At a dinner on Friday night with the organisers of the Public ACTA conference, one of the organisers mentioned to me she had just purchased Leonard Maltin’s “151 Best Movies You Have Never Seen“.Indeed. But, of course, if many of those 151 were sufficiently obscure, they wouldn't yet have been classified by New Zealand's chief censor, in which case they'd have to pay $1000 per disc for classification. An alternate arrangement would let film importers bring with them whatever US, Australian, British or Canadian classification they liked, or to apply to NZ for separate classification if they didn't like the foreign ones. Why we have to reinvent so many wheels in a small country is beyond me.
Now most film goers will know who Leonard Maltin is – the God of reviewers. So I thought that sounds like a really good book.
But that then got me thinking about how one would go about seeing those 151 movies. By their nature, they are not top viewing ones, that you could easily pick up at the video store. There is no website in NZ where you could order them from. If you were really dedicated you could spend hours wading through Amazon locating them and pay $6,000 or so to buy them all individually, and wait a month or so for them to arrive. Oh yeah, would also need a cupboard to store them all in.
But in reality, what many people would do if they have that book, is go to a torrent site and search for a torrent of the films listed. Because that is the easiest and quickest way to do it.
But what if you could buy all 151 movies legally, easily and for an affordable price? Say the books costs you $25, but for an extra $250 you could also buy a 300 GB external hard drive with all 151 moves on it at Whitcoulls or Borders? Hell, I’d buy that as a xmas present for a loved one, and so would many other people I reckon.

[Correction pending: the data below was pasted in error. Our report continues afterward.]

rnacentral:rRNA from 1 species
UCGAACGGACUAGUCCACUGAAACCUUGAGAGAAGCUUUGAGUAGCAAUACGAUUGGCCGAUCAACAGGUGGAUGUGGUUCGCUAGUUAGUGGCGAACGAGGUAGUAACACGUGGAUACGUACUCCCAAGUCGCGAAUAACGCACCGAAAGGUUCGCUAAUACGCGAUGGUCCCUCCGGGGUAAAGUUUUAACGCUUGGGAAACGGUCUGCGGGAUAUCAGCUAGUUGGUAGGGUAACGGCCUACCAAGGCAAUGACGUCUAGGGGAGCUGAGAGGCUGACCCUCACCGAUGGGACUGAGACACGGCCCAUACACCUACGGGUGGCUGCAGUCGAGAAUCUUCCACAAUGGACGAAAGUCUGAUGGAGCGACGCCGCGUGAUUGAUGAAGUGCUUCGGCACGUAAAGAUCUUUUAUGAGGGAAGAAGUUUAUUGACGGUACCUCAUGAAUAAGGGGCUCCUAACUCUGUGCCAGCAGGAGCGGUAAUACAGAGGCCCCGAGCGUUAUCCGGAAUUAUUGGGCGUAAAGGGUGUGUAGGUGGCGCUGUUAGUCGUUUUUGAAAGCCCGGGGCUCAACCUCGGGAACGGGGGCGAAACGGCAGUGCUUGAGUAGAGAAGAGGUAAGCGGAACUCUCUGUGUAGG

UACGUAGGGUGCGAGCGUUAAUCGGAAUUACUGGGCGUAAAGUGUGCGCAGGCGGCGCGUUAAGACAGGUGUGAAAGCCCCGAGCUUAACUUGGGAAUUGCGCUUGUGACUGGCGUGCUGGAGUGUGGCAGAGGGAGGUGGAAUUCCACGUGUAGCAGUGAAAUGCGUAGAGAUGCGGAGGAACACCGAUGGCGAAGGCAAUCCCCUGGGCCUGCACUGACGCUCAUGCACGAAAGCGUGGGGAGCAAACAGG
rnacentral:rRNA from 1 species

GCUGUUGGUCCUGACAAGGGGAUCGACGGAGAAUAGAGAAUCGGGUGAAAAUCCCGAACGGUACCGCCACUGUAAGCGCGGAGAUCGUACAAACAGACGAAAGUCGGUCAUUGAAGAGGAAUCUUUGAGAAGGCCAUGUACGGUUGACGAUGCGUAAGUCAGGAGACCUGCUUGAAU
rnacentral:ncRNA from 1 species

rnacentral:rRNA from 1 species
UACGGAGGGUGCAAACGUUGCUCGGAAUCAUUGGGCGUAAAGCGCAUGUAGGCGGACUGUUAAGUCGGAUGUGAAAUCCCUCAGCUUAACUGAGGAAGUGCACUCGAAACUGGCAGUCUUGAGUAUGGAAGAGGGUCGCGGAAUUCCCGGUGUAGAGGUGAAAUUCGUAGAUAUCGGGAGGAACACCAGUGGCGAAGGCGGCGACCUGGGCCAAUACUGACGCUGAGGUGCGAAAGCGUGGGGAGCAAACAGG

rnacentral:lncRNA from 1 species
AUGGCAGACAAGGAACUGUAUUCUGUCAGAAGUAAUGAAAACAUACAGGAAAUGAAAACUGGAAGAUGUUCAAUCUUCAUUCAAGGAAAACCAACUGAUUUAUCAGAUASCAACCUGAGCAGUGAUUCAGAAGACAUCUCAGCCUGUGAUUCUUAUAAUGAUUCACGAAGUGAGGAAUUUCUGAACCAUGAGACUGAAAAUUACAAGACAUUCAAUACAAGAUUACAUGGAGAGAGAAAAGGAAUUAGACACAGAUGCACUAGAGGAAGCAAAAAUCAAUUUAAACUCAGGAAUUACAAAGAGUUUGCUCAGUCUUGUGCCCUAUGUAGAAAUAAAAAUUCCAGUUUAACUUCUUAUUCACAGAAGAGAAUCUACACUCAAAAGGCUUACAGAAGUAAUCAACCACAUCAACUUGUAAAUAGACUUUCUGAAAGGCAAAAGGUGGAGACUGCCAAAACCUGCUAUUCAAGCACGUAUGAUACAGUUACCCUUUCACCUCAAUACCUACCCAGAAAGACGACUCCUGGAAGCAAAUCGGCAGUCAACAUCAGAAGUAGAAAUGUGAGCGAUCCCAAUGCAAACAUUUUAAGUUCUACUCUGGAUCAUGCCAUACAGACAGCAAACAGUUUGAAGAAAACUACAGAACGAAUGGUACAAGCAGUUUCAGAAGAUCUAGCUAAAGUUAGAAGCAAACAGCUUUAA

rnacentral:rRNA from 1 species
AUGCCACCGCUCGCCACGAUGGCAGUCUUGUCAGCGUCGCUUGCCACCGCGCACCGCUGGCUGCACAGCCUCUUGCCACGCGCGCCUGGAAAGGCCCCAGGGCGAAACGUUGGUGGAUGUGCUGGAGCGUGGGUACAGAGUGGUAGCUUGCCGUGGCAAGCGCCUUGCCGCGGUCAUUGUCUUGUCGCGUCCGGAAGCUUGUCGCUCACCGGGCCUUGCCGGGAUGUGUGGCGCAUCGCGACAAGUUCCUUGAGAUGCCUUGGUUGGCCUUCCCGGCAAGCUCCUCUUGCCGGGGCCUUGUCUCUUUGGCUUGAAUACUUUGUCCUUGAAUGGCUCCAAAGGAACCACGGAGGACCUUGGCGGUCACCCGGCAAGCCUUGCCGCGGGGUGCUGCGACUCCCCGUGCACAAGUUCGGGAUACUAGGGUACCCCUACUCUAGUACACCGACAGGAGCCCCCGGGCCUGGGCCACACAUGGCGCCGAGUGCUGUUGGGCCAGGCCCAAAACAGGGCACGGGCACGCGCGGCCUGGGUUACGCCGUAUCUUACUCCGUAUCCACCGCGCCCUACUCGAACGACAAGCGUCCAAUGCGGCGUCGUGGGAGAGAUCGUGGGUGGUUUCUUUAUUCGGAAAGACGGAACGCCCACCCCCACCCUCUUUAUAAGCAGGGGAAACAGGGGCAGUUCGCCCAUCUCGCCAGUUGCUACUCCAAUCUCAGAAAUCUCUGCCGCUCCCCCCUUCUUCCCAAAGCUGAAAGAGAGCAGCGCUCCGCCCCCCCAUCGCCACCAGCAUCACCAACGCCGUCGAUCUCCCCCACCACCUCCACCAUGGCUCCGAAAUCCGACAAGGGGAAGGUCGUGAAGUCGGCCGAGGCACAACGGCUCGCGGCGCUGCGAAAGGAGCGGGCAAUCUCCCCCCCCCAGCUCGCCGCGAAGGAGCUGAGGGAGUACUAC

And, odds are that if the 125 movie hard disk were available at Whitcoulls, you wouldn't be able to move the files onto another hard drive and the format would require some kind of copyright-chipped TV that would verify that you're the registered owner of the drive (and that would wind up failing when you upgraded your TV down the line). There's seems to be a variant of Murphy's Law that whatever digital format is supported by the content industry will wind up being crippled in some important way.
I'm wondering if we're not getting past some tipping point anyway. Copyright has made it sufficiently difficult for sufficiently long to get some movies and TV shows close to American release dates that folks have largely fronted the fixed costs of figuring out how to navigate file sharing services and then just swap huge external hard drives around to trade files. Remember when ...other folks... traded 5.25" Commodore-64 floppies in 1984? Now it's 1.5 TB hard drives. And, even if content were available here for purchase in timely fashion, it still is provided in a strictly inferior format: DVDs requiring a dozen clicks and waits before Ira's "Little Red Tractor" show starts rather than the one click it would take to watch it from DVD. So folks have incentive to front the fixed costs of learning how to rip DVDs into watchable format, further decreasing the relative costs of file sharing.
If it's not too late already, it soon will be. For at least some folks, the choice calculus is still:
[cost of learning how to download files + expected punishment costs + guilt] versus [cost of DVD + costs of having an inferior format + costs either of waiting for mail delivery or of going to the store].Learning how to rip and share files is the most costly part of the first term; costs of inferior format and of hassles are, to my mind, the worst parts of the latter. Legal purchase dominates if the inferior format and associated hassles are done away with, but possibly not once the fixed learning costs of file sharing are sunk. Those costs are still fixed for me, but too many more times having to flip through the intro sequence on "Little Red Tractor", including the two "Postman Pat" previews....